2. Empirical Mode Decomposition Method

Empirical mode decomposition (EMD) is also called Huang transform, which can effectively separate various frequency components of the signal from the time curve in the form of intrinsic mode function (IMF) [10]. And the original signal can be reconstructed by decomposed component. This method, which has been researched widely, is very suitable for nonlinear and nonstationary signal processing. IMF satisfies two conditions [10, 11]. (1) In the entire sequence, the number of extrema (maxima plus minima) and the number of zero-crossing points is equal or differs by one. (2) At any time, the mean value of the envelope, as defined by the local maxima and the local minima, is zero. EMD is a process of cyclic decomposition; the specific steps can be described as follows: For a given signal , locate all the local extrema. Then fit all the extrema on the curve to construct the two envelopes and . The mean of the upper and lower envelopes is calculated as

After subtracts , the remaining part is obtained as

Ideally, should be an IMF. If cannot meet the condition of LMF, taking as the original signal, the corresponding upper envelope and lower envelope of are calculated and the same interpolation scheme is reiterated to the remainder. Consider

The above procedure is repeated till conforms to the properties of IMFs described previously. is the first IMF of original signal , called . Then the first is subtracted by to get the residue . Consider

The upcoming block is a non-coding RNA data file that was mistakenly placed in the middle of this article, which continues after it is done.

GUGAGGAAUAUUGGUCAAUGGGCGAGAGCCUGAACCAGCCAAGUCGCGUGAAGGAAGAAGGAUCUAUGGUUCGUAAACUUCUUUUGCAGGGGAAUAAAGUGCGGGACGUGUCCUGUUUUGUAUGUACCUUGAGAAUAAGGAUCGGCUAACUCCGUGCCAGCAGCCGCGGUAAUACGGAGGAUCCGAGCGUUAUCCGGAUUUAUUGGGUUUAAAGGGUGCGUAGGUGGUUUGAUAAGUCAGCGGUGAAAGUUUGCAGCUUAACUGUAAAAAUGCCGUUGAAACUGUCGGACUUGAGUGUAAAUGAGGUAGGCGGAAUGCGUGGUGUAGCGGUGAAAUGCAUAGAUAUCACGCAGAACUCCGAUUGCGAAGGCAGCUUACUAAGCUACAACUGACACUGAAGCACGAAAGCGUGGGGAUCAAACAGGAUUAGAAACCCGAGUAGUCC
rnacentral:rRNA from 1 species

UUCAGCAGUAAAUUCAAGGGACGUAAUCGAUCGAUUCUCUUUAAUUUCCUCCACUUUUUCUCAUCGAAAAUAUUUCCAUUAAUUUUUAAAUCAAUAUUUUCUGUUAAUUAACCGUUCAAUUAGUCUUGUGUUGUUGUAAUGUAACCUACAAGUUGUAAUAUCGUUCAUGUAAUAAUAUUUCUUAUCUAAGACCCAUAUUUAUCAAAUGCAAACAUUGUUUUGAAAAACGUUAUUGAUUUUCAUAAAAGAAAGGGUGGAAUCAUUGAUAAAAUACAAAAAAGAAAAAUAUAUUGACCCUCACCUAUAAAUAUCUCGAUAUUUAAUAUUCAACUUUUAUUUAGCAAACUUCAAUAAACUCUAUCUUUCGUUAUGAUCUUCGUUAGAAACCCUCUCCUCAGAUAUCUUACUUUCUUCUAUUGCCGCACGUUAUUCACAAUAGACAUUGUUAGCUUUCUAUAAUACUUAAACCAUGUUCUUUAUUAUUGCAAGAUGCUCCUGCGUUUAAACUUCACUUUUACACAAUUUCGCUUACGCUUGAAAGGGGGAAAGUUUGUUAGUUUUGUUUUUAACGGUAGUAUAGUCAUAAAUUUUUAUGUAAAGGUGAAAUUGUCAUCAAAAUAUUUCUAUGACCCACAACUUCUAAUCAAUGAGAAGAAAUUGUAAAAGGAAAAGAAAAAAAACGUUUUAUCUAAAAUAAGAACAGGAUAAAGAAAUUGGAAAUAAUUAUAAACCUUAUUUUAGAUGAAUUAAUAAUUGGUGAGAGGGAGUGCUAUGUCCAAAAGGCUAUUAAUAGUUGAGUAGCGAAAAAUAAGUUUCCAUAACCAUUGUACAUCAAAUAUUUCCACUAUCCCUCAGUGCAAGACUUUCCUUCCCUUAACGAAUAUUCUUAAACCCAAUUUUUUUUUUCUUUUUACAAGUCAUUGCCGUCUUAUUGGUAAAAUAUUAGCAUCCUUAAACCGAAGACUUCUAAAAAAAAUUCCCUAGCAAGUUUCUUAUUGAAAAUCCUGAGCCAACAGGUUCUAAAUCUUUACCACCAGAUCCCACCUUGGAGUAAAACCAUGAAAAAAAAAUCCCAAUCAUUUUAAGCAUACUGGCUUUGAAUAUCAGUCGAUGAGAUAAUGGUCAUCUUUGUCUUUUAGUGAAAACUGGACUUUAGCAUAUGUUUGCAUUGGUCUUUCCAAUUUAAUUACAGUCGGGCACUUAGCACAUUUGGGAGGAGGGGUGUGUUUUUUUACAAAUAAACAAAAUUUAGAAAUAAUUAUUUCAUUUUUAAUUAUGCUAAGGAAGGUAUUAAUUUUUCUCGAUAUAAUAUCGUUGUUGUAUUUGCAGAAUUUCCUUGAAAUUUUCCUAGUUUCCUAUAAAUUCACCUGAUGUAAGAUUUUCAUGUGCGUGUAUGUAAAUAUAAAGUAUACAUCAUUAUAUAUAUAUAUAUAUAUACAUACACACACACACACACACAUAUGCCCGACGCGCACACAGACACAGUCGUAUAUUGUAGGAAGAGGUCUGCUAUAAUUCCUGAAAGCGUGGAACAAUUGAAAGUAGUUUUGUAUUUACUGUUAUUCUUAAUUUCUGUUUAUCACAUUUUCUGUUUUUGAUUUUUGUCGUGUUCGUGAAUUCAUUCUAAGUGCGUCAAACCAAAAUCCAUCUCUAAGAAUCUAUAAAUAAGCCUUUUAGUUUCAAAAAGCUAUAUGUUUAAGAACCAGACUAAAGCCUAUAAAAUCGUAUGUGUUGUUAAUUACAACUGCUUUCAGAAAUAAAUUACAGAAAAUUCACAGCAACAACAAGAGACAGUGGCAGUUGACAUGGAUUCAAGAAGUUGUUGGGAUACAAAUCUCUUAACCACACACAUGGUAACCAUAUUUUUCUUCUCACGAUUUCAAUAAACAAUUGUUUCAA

The residue , which contains longer-period components, is treated as new data and subjected to the same sifting process as described above. This procedure can be repeated to obtain all the subsequent Consider

At the end of the decomposition, is represented as the sum of IMFs and a residue :

In order to verify the reconfigurable property of EMD, a simulated signal is processed. Firstly, the original signal is decomposed with EMD method, and then the obtained IMFs are summed to reconstruct signal. Figure 1 shows the error between the reconstructed signal and the original signal. From these diagrams, it can be seen that the error is small between the reconstructed signal and the original signal. The amplitude of error and that of signal are different in 15 orders of magnitude. The error is computer calculation error and can be negligible. Being visible, the original signal can be reconstructed using the decomposed component, with almost no energy loss [10, 12], which provides a new way for noise suppression.

Figure 1: Error between the reconstructed signal and original signal. (a) Original signal. (b) EMD decomposition of original signal. (c) Reconstructed signal. (d) Error.

3. Higher Order Statistics and Higher Order Spectrum

Higher order statistics is a mathematical tool which is used to describe the higher order (second-order or above) statistical feature of a random process [6, 13]. Being similar to the power spectrum of Fourier transform of autocorrelation function, multidimension Fourier transform of higher order cumulant is defined as higher order spectrum (or multispectrum) [14, 15].

For a random variable , the joint cumulant for the order number is defined asHere, .

If is order stationary process of zero mean, order accumulation of this process is defined asHere, is the united accumulation.

Assuming that the higher order accumulation is absolutely summable,then order cumulative spectrum is defined as dimension Fourier transform of order cumulant:Traditionally, higher order cumulant spectrum is called higher order spectrum or multispectrum; the most common high order spectrum is three-order spectrum (known as double spectrum). Consider

4. 1.5 Dimension Spectrum